Among the many criminal trials that take place across the U.S., federal trials are actually a bit of a rarity. This is because most criminal charges are tried in state courts under state law, including many cases where both federal and state jurisdictions overlap. When you are indicted on a federal offense, therefore, it’s a safe bet that federal prosecutors have taken plenty of time investigate the allegations and to form their case against you. This is why it’s so important to hire a criminal defense attorney with plenty of experience in the federal court system.
The Federal Trial Process
While the basic structure of jury trials is similar for both federal and state crimes, the process of charging and trying cases at the federal level is a bit different from that of the state courts. While each individual state has its own court structure, the federal court system maps the country into 94 individual jurisdictions, each with its own district court. Each state has at least one federal district court within its borders; most have several. (The State of Georgia is divided into three federal districts, each with its own district court.) If your federal case goes to trial, it will be tried in the district court within the jurisdiction where your alleged crime took place.
The Process Of Bringing Federal Charges To Trial
Most federal cases follow a path that includes the following stages in order:
This stage can last for months or even years, depending on the alleged crime(s). During this time, you may be contacted by government officials requesting information, but it’s possible that you will be unaware of any investigation at all until the arrest.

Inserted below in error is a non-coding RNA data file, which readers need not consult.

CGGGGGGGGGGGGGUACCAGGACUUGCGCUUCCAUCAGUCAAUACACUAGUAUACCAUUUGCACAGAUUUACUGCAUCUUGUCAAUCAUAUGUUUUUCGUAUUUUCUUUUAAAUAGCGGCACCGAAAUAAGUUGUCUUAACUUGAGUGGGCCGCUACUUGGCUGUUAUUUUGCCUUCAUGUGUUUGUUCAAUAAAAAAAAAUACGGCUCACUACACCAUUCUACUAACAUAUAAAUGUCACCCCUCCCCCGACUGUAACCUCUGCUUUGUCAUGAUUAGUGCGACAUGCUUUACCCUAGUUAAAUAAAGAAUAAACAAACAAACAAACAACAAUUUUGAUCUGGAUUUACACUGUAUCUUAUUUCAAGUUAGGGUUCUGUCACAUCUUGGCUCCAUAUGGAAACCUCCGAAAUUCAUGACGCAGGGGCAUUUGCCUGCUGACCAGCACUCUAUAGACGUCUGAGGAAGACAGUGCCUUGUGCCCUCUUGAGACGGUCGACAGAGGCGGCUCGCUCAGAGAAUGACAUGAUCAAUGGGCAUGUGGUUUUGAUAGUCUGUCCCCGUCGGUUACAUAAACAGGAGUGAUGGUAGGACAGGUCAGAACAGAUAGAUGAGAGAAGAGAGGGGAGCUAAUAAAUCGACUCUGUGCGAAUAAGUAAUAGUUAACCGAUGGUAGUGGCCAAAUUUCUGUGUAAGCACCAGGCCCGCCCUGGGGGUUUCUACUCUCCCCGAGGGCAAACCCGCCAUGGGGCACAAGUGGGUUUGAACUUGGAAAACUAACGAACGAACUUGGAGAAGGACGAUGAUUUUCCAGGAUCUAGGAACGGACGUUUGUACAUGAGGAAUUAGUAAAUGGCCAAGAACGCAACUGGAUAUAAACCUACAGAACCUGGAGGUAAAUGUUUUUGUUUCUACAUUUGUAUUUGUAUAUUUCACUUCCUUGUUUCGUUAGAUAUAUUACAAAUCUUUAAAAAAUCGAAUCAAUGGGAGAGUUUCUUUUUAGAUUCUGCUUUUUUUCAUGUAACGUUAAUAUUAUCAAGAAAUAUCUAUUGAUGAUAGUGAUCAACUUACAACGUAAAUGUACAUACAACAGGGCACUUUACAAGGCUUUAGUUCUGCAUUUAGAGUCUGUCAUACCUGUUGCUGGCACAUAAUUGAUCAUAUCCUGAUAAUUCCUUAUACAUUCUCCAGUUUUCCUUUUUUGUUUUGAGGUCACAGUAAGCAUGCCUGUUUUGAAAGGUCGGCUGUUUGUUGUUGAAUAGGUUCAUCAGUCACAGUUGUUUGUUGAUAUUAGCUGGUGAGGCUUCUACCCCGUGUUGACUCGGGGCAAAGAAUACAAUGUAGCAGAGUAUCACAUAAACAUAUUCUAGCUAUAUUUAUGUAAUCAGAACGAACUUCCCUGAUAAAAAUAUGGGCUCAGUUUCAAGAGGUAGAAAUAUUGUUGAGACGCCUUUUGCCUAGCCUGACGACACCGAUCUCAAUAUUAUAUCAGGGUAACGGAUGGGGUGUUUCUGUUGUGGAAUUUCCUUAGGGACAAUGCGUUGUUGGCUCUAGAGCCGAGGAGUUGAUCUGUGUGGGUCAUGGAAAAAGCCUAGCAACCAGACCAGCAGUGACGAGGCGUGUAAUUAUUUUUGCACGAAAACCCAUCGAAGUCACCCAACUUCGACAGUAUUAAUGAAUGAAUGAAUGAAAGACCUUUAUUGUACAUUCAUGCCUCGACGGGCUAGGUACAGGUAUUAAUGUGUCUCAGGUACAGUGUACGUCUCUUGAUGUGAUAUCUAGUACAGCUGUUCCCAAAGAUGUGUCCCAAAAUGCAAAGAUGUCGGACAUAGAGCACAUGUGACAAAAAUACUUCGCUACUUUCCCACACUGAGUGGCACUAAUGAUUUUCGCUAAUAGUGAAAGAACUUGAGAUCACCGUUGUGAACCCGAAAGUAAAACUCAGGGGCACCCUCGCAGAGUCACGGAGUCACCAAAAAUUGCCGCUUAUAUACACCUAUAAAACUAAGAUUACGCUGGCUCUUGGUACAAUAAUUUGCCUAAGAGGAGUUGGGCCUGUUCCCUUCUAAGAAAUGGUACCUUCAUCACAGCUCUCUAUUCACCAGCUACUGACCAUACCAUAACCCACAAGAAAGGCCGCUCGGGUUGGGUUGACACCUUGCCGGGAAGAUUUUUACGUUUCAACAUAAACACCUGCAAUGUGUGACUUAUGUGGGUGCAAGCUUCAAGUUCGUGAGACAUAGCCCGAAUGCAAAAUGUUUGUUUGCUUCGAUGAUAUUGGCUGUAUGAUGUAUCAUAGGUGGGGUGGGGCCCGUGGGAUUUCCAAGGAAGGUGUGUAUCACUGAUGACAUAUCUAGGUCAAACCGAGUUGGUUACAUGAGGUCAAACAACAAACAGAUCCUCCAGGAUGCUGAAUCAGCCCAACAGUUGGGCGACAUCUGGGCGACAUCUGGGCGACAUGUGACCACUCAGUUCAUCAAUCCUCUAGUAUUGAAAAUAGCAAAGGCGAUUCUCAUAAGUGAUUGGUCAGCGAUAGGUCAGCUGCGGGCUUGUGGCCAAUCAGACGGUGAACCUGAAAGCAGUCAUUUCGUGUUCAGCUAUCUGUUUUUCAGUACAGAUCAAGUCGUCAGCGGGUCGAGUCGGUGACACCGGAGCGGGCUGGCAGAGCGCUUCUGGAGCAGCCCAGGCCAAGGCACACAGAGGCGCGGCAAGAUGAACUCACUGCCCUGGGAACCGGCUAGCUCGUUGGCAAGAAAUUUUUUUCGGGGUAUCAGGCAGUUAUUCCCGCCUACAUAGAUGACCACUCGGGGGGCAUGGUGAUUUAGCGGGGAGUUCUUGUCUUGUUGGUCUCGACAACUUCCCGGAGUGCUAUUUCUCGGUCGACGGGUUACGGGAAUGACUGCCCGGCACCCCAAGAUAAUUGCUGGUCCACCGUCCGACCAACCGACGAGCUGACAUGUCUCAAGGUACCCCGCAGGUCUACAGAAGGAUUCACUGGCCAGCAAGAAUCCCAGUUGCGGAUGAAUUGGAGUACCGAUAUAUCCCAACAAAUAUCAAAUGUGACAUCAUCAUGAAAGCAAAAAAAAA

INDICTMENT (FOR FELONIES)
Unlike many states, federal laws require the U.S. government to seek a grand jury indictment for nearly all felony charges, unless the defendant waives this right. (For lesser charges or when applicable, you can be charged via paperwork filed by the prosecutor with the courts. This is called an information, rather than an indictment.)
Once the charges against you are official, a warrant will be issued for your arrest. This differs from many state cases, in which you might be arrested and even attend a preliminary hearing before being formally charged.
INITIAL APPEARANCE AND ARRAIGNMENT
Once officially charged, you will be required to attend an initial hearing with a federal magistrate judge (not the district court judge, who will try your case). You will also be arraigned at this stage, at which point you will enter a plea to the charges.
At this stage, the prosecution will release a “discovery” to your criminal defense attorney, consisting of the pertinent documentation that U.S. attorneys have used to form their case against you, so your attorney can begin developing a strategy for defending against the charges. (Discovery is essentially in lieu of formal depositions, which are not common in federal court cases.)
This is the stage at which any applicable pre-trial motions will be filed, as well as any plea bargaining. The federal government often agrees to reduced charges and sentencing in return for a guilty plea—and bear in mind that federal prosecutors have already been building a solid case—so sometimes (not always) it’s in your best interest to take a plea bargain. (Your attorney will advise you of your best options.)
Federal trials take place in the district court within the appropriate jurisdiction.
If you are found guilty of the charges, your attorney will usually begin the appeals process soon after. Appealed cases are reviewed by the appropriate Court of Appeals to ensure that you were not denied due process in the trial, or that errors did not occur that could have affected the outcome of your case. In cases where errors are found, many sentences can be reduced during the appeals process, and sometimes verdicts are also overturned.
Our Experience with Federal Trials
The Law Firm of Shein & Brandenburg, Federal Criminal Law Group, uses over 20 years of experience to help clients charged with federal crimes in Georgia and throughout the United States. We pursue success in each case we accept.
- Georgia Federal Trials
- North Florida Federal Trials
- South Carolina Federal Trials
- Eastern Tennessee Federal Trials
- Alabama Federal Trials